Claims specialists may not be doing their best at informing Americans of the program, including not telling people enough about their longevity risk, according to a new study done by the Government Accountability Office.
The study showed that even though claims specialists help people file for their Social Security, they repeatedly leave out important details, or don’t explain things clearly enough for their customers to understand. The study also found that the online claims process omits information and is also carelessly misleading people about when to claim benefits.
It’s not a shock to anyone that the program confuses people. The handbook has more than 2,700 entries spanning from topics such as remarriage to black lung benefits. The GAO also found that Americans are sadly under-educated about Social Security and when to start the filing process.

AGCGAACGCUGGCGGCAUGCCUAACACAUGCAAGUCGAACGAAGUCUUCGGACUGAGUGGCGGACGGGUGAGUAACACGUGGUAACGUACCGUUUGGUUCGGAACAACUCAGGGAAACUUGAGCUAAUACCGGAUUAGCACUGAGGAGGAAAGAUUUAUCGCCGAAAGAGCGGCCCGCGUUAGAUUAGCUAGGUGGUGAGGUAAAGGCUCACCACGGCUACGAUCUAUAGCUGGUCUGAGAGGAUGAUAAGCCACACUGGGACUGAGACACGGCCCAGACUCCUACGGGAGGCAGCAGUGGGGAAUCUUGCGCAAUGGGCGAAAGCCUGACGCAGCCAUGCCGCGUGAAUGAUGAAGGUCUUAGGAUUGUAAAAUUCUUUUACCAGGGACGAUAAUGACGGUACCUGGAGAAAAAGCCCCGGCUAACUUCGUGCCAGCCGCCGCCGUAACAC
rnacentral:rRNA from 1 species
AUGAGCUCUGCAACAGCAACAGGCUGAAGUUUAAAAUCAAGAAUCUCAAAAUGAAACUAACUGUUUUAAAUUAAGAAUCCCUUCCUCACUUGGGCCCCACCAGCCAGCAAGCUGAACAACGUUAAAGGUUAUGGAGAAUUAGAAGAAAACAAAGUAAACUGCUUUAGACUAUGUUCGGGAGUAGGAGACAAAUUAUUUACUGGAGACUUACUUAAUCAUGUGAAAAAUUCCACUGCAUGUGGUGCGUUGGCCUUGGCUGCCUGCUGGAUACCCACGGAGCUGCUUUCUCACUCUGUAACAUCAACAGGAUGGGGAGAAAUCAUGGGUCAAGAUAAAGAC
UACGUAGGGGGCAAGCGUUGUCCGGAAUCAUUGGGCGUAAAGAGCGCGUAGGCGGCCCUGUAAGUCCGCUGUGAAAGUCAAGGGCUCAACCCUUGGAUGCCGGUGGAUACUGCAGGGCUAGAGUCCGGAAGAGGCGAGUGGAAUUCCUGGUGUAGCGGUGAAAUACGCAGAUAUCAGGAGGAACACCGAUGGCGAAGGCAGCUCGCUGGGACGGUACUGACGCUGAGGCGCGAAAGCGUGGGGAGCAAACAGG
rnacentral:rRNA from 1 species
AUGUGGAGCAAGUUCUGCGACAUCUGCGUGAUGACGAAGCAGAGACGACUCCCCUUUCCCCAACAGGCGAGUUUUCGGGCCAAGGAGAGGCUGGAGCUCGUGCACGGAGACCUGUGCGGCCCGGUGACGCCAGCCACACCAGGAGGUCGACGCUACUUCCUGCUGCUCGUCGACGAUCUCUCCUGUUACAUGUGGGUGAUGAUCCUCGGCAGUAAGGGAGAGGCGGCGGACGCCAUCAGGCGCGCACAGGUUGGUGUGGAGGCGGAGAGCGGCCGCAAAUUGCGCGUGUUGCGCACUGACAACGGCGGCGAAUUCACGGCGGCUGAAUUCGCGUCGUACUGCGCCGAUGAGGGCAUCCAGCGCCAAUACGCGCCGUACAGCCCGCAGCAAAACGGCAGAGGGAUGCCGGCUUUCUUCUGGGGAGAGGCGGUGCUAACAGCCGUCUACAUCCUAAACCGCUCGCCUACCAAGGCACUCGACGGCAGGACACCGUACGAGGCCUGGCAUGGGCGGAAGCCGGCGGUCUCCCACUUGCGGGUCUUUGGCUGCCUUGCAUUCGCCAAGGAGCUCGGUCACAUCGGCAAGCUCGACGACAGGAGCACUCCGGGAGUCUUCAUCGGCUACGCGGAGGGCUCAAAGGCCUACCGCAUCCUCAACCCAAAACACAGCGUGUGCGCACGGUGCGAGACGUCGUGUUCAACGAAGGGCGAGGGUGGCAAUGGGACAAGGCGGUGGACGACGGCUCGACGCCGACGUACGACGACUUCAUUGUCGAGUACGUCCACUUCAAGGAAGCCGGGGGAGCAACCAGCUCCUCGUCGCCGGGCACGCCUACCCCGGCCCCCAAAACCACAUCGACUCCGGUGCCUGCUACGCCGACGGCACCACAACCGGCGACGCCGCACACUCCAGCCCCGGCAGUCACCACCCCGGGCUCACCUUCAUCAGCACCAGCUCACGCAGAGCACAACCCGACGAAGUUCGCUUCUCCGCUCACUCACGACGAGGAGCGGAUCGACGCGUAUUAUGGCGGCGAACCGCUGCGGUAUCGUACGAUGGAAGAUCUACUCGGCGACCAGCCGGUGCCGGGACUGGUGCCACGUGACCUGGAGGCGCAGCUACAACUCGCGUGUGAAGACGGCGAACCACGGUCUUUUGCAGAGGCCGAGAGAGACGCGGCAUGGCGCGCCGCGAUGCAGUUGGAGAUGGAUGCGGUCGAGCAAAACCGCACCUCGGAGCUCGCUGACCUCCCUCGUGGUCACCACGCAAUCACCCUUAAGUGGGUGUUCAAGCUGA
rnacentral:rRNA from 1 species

“The American public is clueless that this decision is so important,” Senator Claire McCaskill (D-Missouri) said about the report, which she commissioned with Senator Susan Collins (R-Maine), according to ThinkAdvisor. “It is staggering that so many Americans don’t realize that this is a decision at all. Many think you just claim at 62, or when you stop working. Or when you claim Medicare. Or when you hit full retirement age at 66 or 67.”
Although claims specialists are normally helpful and, for the most part, good at their jobs, they still need help when informing workers on how to make a well-informed choice about their Social Security, the GAO discovered. For example, only eight of the 30 interviews had a claims specialist inform the customer that benefits are based on 35 years of earnings, and that working for a longer period of time could possibly increase their monthly benefits by increasing their average lifetime earnings.
In six interviews, claims specialists gave workers their “breakeven age,” or the age their total monthly payments from filling at a later date would be equivalent to, if they filed at an earlier time.
One of the most important issues is understanding the “longevity risk”, or the risk that you might live longer than originally expected. Most people underestimate their life expectancy, so they have the risk of running out of funds. The report also found that life expectancy risks should be given.